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‘Gerald’s Game’ is the latest of new Stephen King adaptations

Apparently all it takes is writing an 1,100-page novel, sitting back and waiting 31 years for it to be adapted into the highest-grossing horror movie of all time for the world to become your oyster.

Of course, since this is Stephen King we’re talking about, that oyster would no doubt haunt your dreams before torturing you and/or your loved ones.

So far this year, King’s stories had been turned into the Spike TV series “The Mist” and DirecTV’s “Mr. Mercedes,” as well as the feature film “The Dark Tower,” which not even the star power of Matthew McConaughey and Idris Elba could save.

Then “IT” opened three weeks ago to a stunning $123 million, and suddenly every new Stephen King project feels like an event.

Netflix has dibs on the first two. “1922,” which stars Thomas Jane as a farmer who admits to killing his wife (Molly Parker, “House of Cards”) to keep her from selling his land and moving to the city, launches Oct. 20. First up, though, is “Gerald’s Game,” which debuted Friday and could do for bondage what “Jaws” did for swimming in the ocean.

Based on King’s 1992 novel, “Gerald’s Game” follows the Burlingames, Gerald (Bruce Greenwood) and Jessie (Carla Gugino), who head to a remote vacation home to try to rekindle the sparks in their 11-year relationship.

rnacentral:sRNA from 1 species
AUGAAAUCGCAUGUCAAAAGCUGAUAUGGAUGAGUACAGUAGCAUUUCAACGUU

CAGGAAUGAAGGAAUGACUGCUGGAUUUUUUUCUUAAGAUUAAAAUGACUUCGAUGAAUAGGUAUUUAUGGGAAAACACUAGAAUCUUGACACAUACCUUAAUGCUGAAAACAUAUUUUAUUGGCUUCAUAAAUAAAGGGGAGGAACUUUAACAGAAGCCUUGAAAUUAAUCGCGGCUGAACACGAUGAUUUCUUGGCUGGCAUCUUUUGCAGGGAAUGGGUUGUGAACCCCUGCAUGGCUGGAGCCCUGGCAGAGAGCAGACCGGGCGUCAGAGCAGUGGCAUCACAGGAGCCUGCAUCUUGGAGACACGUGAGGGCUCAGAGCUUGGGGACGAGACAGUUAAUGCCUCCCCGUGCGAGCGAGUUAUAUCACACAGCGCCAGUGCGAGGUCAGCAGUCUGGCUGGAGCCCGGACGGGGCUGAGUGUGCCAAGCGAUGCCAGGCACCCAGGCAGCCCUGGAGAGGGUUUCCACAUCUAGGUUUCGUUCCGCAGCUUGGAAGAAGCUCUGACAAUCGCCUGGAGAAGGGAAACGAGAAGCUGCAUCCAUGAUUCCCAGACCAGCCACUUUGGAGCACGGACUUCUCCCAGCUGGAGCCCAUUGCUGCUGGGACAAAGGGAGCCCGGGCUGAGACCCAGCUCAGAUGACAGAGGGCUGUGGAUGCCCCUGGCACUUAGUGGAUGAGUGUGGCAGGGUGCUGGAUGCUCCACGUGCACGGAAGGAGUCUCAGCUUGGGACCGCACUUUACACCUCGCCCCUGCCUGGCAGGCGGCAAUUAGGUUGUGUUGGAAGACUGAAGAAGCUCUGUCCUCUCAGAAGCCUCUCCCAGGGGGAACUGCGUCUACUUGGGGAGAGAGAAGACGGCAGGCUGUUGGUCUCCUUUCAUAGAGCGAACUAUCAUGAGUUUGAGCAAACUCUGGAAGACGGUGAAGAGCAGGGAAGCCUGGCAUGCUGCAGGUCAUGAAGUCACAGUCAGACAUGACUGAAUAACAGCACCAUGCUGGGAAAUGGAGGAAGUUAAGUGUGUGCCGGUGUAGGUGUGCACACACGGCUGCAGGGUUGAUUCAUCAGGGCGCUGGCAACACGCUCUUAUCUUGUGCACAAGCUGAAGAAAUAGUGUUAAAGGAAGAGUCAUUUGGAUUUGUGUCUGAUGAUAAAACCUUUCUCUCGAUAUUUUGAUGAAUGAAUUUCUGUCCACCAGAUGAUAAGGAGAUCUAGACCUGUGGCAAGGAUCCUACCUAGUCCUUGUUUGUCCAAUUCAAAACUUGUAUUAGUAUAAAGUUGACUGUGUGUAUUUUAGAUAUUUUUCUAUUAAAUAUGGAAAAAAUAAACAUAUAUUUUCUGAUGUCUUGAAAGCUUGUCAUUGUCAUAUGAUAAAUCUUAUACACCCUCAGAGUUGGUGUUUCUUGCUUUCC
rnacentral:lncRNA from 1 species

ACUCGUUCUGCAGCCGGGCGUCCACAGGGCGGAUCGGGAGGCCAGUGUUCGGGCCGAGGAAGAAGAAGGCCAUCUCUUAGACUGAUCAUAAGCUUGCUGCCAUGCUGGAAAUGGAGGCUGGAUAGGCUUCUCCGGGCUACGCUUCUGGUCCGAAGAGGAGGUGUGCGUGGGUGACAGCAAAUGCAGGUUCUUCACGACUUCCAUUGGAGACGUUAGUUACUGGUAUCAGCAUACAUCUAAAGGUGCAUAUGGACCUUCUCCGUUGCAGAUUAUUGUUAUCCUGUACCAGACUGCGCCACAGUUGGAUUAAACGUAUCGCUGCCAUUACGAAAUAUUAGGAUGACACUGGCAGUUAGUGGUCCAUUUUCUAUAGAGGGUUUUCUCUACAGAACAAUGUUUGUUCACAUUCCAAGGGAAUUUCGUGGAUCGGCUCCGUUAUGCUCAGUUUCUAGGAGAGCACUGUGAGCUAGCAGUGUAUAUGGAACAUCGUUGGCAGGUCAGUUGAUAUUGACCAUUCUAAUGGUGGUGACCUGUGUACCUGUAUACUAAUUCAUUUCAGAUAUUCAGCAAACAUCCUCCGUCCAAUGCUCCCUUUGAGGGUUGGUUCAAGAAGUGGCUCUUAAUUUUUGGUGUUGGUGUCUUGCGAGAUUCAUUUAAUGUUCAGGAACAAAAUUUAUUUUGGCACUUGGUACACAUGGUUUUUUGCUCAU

For Jessie, that means a nightgown so new it still has the price tag on it. For Gerald, it’s a pair of handcuffs not even Houdini could escape. “I’ve gotta say, I was expecting, you know, more novelty things, like velvet or silk or something,” she tells him, nervously. “Oh, no. These are the real deal,” Gerald responds. “The others can just break if you get going too hard.”

If that’s not the first sign of trouble, that moment certainly comes when Gerald refuses her pleas to uncuff each hand from its reinforced bedpost. Since the nearest house is a half-mile away, he even makes her scream for help just to spice things up.

Then he has a heart attack and dies right on top of her.

At this point, she’s basically James Caan in “Misery,” except her feet still work and Kathy Bates is never coming for her.

The key to those handcuffs is in the bathroom. Gerald’s phone is maddeningly just out of toe’s reach. The front door and most of the windows are open, so the stray dog that Jessie lovingly fed $200 worth of Kobe beef wanders in to, every so often, chew on a piece of what’s left of Gerald. And, after hours of hallucinations and dehydration, something that may or may not be death itself — and may or may not even be real — begins lurking in the corner.

Directed and co-written by Mike Flanagan (“Oculus,” “Ouija: Origin of Evil”), along with his frequent collaborator Jeff Howard, “Gerald’s Game” is a study of repressed memories, childhood traumas, and just how far a person will go to survive.

Without spoiling anything, there’s a scene that very nearly made me lose my dinner all over my laptop.

Now that Hollywood is back to gobbling up his stories in a way it hasn’t since the ’90s, back when you could barely go a sweeps month without a new King miniseries on ABC, the author’s fans truly have something to shout about.

And scream, cower and get sick on their laptops about.

Contact Christopher Lawrence at clawrence @reviewjournal.com or 702-380-4567. Follow @life_onthecouch on Twitter.

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